As part of an investigation into J&J over a variety off-label Risperdal uses, the Justice Department says that from 1999 to 2005, Janssen allegedly promoted Risperdal for use in children and individuals with mental disabilities, despite the company knowing that Risperdal posed “certain health risks to children, including the risk of elevated levels of prolactin, a hormone that can stimulate breast development.”
The federal government describes how Janssen sales reps called child psychiatrists and other child mental health providers and promoted Risperdal as a safe and effective treatment for a range of disorders, including ADHD, oppositional defiance disorder, OCD, and autism.
Janssen offered candy and toys in sample Risperdal packages. By 2000, more than a fifth of Risperdal users were children and adolescents. The Wall Street Journal reports that J&J also funded an academic institute that hoped to support youth Risperdal use.
The FDA did not approve Risperdal for use in children until 2006. Prior to that, the agency repeatedly warned J&J about promoting it for children.
In January 2016, the U.S. Supreme Court refused to hear a J&J appeal of a South Carolina ruling that Janssen had to pay a $124 million penalty for its unlawful marketing practices.
In April 2016, Janssen reached a $15.5 million settlement with the Kentucky Attorney General over its failure to warn of the gynecomastia risks, and its off-label marketing practices.
Because it successfully expanded Risperdal’s use to children (and the elderly), as of 2015, Johnson & Johnson had made an estimated $18 billion in domestic Risperdal profits alone, plus $10 billion in sales abroad.
Has There Been a Risperdal Recall?
Risperdal was never pulled from the market despite evidence that it causes gynecomastia. The J&J patent for Risperdal expired in 2007, but in 2008, and the FDA approved the first generic versions of the drug (risperidone). Risperidone generics remain available, as does the Risperdal successor, Invega.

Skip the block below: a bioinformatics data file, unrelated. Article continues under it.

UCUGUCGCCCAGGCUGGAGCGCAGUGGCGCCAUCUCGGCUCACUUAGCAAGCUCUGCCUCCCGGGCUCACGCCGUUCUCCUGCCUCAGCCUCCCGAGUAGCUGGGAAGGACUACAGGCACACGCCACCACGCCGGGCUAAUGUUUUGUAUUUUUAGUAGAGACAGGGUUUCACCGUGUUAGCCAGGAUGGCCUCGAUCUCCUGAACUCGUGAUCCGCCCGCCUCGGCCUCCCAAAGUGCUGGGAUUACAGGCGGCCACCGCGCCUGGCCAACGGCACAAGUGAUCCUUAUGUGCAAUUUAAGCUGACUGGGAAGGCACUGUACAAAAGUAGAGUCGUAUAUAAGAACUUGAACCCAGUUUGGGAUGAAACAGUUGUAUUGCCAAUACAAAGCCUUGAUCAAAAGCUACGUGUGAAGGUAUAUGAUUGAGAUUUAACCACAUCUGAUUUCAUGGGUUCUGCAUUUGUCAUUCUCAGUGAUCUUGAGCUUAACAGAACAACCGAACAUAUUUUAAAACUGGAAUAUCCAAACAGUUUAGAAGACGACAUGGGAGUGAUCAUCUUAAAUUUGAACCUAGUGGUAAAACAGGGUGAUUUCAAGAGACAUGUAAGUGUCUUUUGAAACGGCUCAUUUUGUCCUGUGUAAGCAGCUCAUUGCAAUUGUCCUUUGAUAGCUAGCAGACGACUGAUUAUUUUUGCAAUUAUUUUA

Risperdal Gynecomastia Lawsuits
In November 2015, more than 1,500 Risperdal gynecomastia cases were consolidated as part of a mass tort in the Philadelphia Court of Common Pleas. All cases similarly allege that Risperdal caused gynecomastia in young men, and that Janssen did not warn users about this potential side effect.
Early settlements indicate that some Risperdal gynecomastia victims may be in line for significant compensation:
- In April 2015, a jury awarded a young man who took Risperdal and developed size 44D breasts $2.5 million in damages. The jury found that Janssen failed to properly warn about the ability of Risperdal to cause gynecomastia.
- In November 20 15, a jury awarded $1.75 million to a man who began taking Risperdal in 2003 for schizophrenia, who also developed gynecomastia.
- In December 2015, a jury awarded another Risperdall plaintiff $500,000 in damages after he too developed gynecomastia.
According to a Bloomberg News release, Janssen faces around 5,400 Risperdal cases nationwide (not all related to gynecomastia) and has set up a reserve to settle lawsuits.
To be eligible for a Risperdal gynecomastia lawsuit, patients must have taken the drug as prescribed and developed male breasts or similar side effects.
How a Lawsuit Can Help
A Risperdal lawsuit can provide compensation for economic damages—for example, the need to undergo liposuction, a mastectomy, or other costly surgery to remove male breasts. It can also cover damages related to the physical pain, emotional anguish, and disfigurement cause by gynecomastia side effects.
What to Do If You Are Affected
If you or a loved one took Risperdal and developed gynecomastia, it is critical to speak with an attorney right away.
Some Risperdal side effect lawsuits have already been dismissed because a judge found that the plaintiff violated the statute of limitations (that is, the plaintiff filed the case too late). In one case, the judge ruled that the plaintiff should have been aware of the link between Risperdal and gynecomastia by June 2009; the plaintiff says he did not discover the link until 2013.
Only a qualified attorney can determine whether you meet eligibility criteria. To find out whether you have a case against Janssen, contact us for a free consultation.